Taking Stock and Setting New Goals

Published: Tues., July 14, 2020

As the summer winds down and the fall is about to begin, now is a great time to take stock of what you have accomplished this summer and what you would like to do in the coming year. Given the changes over the last several months that may have affected your normal schedule and plans, it is even more crucial to think about your progress.

Degree Progress

One of the first places you will probably start is thinking about your coursework and degree requirements. When do you intend to graduate? What classes will you need to take this fall? How might those courses help you make progress toward finishing your degree? A lot of times your courses may not only fill a requirement, but may also help you learn skills necessary for completing a part of thesis or dissertation research.

Check the degree milestones you must complete in order to earn your degree. What is missing from your list? What do you have yet to complete? Do you know when you will be taking those courses or finishing those milestones? If so, what needs to be done in preparation of those courses or requirements? Some classes may have prerequisites before you can complete a particular class so you can sometimes be delayed depending on the schedule for offering that course. List what has been done and will need to be done. Note when things will be expected to be completed. This will help you make sure you stay on track.

Research Goals

The next question you must consider is: Where do stand on your research projects? Many graduate students have some sort of research component that they are required to complete before they graduate. Finishing these projects often takes several years and you need to stay on top on your progress to make sure you will graduate in a timely manner.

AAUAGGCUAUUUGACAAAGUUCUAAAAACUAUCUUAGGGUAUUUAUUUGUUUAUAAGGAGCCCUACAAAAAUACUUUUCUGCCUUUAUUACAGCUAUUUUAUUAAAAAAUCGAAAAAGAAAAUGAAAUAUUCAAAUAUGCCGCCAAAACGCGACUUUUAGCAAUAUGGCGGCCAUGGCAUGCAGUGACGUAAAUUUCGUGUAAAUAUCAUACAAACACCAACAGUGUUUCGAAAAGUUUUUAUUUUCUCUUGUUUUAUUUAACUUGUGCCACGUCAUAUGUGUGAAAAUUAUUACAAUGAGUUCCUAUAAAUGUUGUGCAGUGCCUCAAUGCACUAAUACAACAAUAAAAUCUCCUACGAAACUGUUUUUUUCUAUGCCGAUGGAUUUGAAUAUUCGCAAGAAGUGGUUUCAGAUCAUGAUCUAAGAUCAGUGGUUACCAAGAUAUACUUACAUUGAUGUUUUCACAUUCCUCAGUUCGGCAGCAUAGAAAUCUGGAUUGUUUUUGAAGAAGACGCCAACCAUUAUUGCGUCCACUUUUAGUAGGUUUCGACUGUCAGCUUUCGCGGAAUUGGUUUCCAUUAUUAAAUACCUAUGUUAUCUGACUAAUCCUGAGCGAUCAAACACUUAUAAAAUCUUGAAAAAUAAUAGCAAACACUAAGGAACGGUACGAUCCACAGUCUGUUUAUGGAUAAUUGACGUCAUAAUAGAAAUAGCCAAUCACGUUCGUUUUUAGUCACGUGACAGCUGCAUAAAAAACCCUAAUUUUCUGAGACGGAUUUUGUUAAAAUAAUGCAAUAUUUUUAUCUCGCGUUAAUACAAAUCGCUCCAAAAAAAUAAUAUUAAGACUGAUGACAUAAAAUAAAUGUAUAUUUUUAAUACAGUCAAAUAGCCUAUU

Make a list of the research tasks you have for your thesis or dissertation. These may include things like: conducting your literature review, writing your prospectus or research plan, individual aspects of your data collection (e.g. getting IRB approval, drafting surveys, conducting experiments, etc.), data analysis tasks, or aspects of writing the thesis or dissertation document. Breaking these down will help you better understand what needs to be done and what has already been completed.

Teaching Goals

If you are a TA now or hope to work in academia, building your teaching skills will help you succeed in the future. If you are currently teaching, you may have goals related to teaching this semester or for the fall. For example, you may have a goal to design a course independently, complete a CIRTL certification or additional training on teaching, or perhaps to find opportunities to teach if you have not been a TA previously. If you have large goals, you may break those down into smaller goals.

Other Professional or Personal Goals

Lastly, you may have a number of personal or professional goals, related to professional skills like leadership or public speaking, or preparing for job searches. Taking stock of where you stand in relation to those goals may help you better understand the next steps.

It is also important to keep a record of your personal goals and weighing progress towards those. Think about your personal relationships, are there aspects of those that you which to change or improve? Maybe those relationships have worsened over the last few months when you have been separated from their friends and family. If so, now may be a good time to recommit to reaching out to them more frequently.

Setting Goals

As you make goals, remember to think SMART. This means goals should be Specific, Measurable, Achievable, Relevant, and Time-Bound. Goals are best achieved when you make them concrete and achievable with defined timelines for completion. For example, writing your methods section is a more attainable goal and could be measured in a way that finish dissertation might be difficult to measure. Setting reasonable time frames for completing goals will also ensure that you achieve them. You will not finish your dissertation in from start to finish in a month, but you might be able to complete some component of it in that time. Be honest with yourself and weigh what you can accomplish and need to accomplish in a given period of time. Posting these goals or telling friends or colleagues will help keep you accountable for finishing them.

Even if you have not accomplished as much as you would like during this time, be kind with yourself. The last several months have been difficult for many of us and many people have had additional needs or responsibilities. Celebrate and acknowledge what you have accomplished and then make plans to make progress toward the other goals.